I've changed the guard to "copy[i - 1] < i || copy[i - 1] <= 0 || copy[i - 1] > array.length", and with your three inputs I get results 9, 2 and 0. Your original code returned 0 for the second element, as it missed the duplicate.

One more thing to think about - what will be returned if the array contains 0?

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posted 6 years ago

I believe the basic premise of the problem is that the array is supposed to contain positive integers only (though nowhere explicitly mentioned). If this is not the case, then we need to modify the suggested solutions a bit.

By the way, as Rob explained, the sorted-copy-of-array solution works and has a complexity of O(N*log N), due the sorting involved. The code piece I suggested above also works and has a lesser complexity of O(N) (which I believe would be the minimum one could achieve for the given problem).

By the way, as Rob explained, the sorted-copy-of-array solution works and has a complexity of O(N*log N), due the sorting involved. The code piece I suggested above also works and has a lesser complexity of O(N) (which I believe would be the minimum one could achieve for the given problem).

posted 6 years ago

While the HashSet has a much better speed in Big-Oh sense, for the example lists, its highly unlikely that it would actually be faster. A for-loop indexing through a small array is very fast. Just calculating the hashCode() of each value is likely to cost more than the for-loop. For 100 values, it probably is a wash. For lots of values, of course the HashSet is a big winner.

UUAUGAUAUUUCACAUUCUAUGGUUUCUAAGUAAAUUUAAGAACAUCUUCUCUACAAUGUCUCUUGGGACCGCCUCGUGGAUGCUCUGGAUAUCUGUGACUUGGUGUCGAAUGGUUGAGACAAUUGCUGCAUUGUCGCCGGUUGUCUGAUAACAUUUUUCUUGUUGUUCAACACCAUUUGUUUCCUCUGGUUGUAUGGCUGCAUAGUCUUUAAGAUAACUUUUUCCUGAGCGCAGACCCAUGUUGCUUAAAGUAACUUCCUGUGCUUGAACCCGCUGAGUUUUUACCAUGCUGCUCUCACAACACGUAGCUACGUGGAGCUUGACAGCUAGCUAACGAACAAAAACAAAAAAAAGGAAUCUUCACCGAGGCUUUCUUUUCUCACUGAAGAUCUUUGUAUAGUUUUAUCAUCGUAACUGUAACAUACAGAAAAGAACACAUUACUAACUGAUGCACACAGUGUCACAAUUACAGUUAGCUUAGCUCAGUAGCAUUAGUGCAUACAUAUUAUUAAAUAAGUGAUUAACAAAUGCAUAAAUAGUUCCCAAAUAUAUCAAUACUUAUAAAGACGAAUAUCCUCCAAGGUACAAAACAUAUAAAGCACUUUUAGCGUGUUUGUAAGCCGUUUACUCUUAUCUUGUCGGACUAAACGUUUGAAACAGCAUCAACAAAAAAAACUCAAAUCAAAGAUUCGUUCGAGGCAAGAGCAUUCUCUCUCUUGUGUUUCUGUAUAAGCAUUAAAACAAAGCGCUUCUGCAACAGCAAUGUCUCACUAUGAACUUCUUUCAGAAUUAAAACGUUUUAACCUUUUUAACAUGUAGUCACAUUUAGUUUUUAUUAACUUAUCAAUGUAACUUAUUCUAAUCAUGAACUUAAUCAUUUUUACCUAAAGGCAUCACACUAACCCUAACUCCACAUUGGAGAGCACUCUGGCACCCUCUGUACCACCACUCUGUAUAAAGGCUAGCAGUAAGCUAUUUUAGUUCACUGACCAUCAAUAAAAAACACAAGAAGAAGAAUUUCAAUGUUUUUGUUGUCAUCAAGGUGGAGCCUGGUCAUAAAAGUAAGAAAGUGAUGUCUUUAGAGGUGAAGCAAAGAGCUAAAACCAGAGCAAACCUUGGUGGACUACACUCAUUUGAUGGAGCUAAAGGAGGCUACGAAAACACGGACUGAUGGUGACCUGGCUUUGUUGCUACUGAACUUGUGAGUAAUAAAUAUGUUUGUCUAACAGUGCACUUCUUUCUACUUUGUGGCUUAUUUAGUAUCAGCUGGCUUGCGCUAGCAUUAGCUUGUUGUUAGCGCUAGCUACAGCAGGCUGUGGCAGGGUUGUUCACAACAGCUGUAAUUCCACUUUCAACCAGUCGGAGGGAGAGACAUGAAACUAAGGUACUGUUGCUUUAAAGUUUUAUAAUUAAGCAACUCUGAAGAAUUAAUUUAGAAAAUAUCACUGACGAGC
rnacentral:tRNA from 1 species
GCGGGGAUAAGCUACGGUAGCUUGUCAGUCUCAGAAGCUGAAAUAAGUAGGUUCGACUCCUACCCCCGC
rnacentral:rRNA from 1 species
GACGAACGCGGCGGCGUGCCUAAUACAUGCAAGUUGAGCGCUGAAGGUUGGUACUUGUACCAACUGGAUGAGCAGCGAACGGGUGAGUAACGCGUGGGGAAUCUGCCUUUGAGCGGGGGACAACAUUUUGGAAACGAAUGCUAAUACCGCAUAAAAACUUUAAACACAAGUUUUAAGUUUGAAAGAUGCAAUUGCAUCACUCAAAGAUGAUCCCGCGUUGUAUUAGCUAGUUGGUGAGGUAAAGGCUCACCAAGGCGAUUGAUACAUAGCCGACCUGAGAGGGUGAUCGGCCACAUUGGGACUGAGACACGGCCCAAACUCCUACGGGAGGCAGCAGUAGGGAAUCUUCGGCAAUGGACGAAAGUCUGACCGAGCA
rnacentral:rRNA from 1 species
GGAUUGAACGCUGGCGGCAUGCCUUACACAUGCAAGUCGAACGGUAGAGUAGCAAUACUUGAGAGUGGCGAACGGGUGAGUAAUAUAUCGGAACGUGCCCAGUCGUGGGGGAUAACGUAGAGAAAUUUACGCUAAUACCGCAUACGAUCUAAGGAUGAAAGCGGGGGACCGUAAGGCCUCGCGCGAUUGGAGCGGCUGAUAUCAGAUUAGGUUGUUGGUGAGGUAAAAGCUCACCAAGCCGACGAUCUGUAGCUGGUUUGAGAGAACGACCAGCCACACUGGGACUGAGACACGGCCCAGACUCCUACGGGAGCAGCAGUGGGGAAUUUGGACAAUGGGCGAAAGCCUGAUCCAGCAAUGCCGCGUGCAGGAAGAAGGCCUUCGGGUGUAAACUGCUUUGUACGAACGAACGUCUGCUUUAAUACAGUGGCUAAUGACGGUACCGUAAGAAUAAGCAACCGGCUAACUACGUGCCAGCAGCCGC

Rob Spoor wrote:You could replace the List with a HashSet, as that has a somewhat faster way of checking for existence:

While the HashSet has a much better speed in Big-Oh sense, for the example lists, its highly unlikely that it would actually be faster. A for-loop indexing through a small array is very fast. Just calculating the hashCode() of each value is likely to cost more than the for-loop. For 100 values, it probably is a wash. For lots of values, of course the HashSet is a big winner.